Featured Object: Unmarried Girl's Dress
- Post Date8/11/2016
- AuthorKristine Mirate, volunteer
- Reading Time3 minute read
The Karen people, a tribal group in Burma and Thailand, are divided into 2 groups, the Pwo and Sgaw, and most of them are located in Thailand. Pwo and Sgaw also refer to the 2 main languages spoken by the Karen people.
Legend says that the Karen people came from the “Thibi Kawbi” land, which many speculate as Tibet and the Gobi Desert. The Karen made their way to Thailand in the 18th century, where they settled in the mountains and set up villages. The Thai government labeled the Karen as part of the “Hill Tribe” and they were taught to speak Thai. Many of the Karen people also speak their own native languages.
Another traditional practice among the Karen is the weaving and wearing of white dresses by unmarried girls and women. At the age of 10, girls are taught to weave and stitch their dresses. Sgaw girls use simple designs: a white dress and a red band. The band may also be decorated with yellow and green geometric designs. The dress in the Museum’s collection has characteristics similar to the Sgaw, with 2 red bands across the waist and the edge of the dress, each intertwined with yellow and green thread. Pwo girls, on the other hand, use more decoration. Along with the red band, there are patterns of red diamonds at the bottom of the dresses, and the shoulders are sometimes decorated with red fibers woven through the cloth.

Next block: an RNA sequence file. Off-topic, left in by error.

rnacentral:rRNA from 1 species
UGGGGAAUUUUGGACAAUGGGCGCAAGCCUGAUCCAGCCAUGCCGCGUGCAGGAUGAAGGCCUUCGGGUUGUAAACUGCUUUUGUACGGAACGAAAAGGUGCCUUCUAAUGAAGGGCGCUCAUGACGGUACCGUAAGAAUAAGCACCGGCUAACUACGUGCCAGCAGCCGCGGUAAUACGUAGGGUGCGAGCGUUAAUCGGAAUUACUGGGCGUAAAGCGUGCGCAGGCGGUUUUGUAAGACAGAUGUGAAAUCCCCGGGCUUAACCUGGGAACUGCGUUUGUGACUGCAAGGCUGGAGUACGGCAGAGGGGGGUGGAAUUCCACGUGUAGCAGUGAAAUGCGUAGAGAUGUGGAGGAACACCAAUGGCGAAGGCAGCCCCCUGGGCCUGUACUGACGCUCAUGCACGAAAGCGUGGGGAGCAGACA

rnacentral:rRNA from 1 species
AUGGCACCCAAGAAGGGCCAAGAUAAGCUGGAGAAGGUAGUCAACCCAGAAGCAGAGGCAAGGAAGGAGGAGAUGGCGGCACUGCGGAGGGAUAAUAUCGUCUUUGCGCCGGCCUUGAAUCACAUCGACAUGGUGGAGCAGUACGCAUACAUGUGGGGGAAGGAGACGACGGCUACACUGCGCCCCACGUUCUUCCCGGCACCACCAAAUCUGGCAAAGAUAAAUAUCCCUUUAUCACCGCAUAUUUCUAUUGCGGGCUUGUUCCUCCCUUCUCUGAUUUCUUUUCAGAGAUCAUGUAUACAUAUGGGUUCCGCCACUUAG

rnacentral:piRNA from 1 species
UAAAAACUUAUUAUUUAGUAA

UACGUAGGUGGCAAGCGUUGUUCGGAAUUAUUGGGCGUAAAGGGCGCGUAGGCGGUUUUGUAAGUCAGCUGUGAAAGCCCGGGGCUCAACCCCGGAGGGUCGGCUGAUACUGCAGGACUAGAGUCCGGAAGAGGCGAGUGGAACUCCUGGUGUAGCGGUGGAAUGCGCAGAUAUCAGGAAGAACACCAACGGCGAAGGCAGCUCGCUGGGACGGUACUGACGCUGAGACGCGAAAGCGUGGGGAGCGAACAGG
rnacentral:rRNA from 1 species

Karen girls embellish their outfits with jewelry such as earrings, necklaces, and bracelets. If they have high status they wear more jewelry, which might also improve their marriage prospects.
Unmarried women wear their hair cut short or tied in a low bun. They also wear head coverings of 2 styles: a white or red turban with a long fringe, and a pink or white rectangular cloth draped towards the shoulders and tied with a colorful headband. When a woman is married, she starts to wear a colorful sarong and a sleeveless shirt.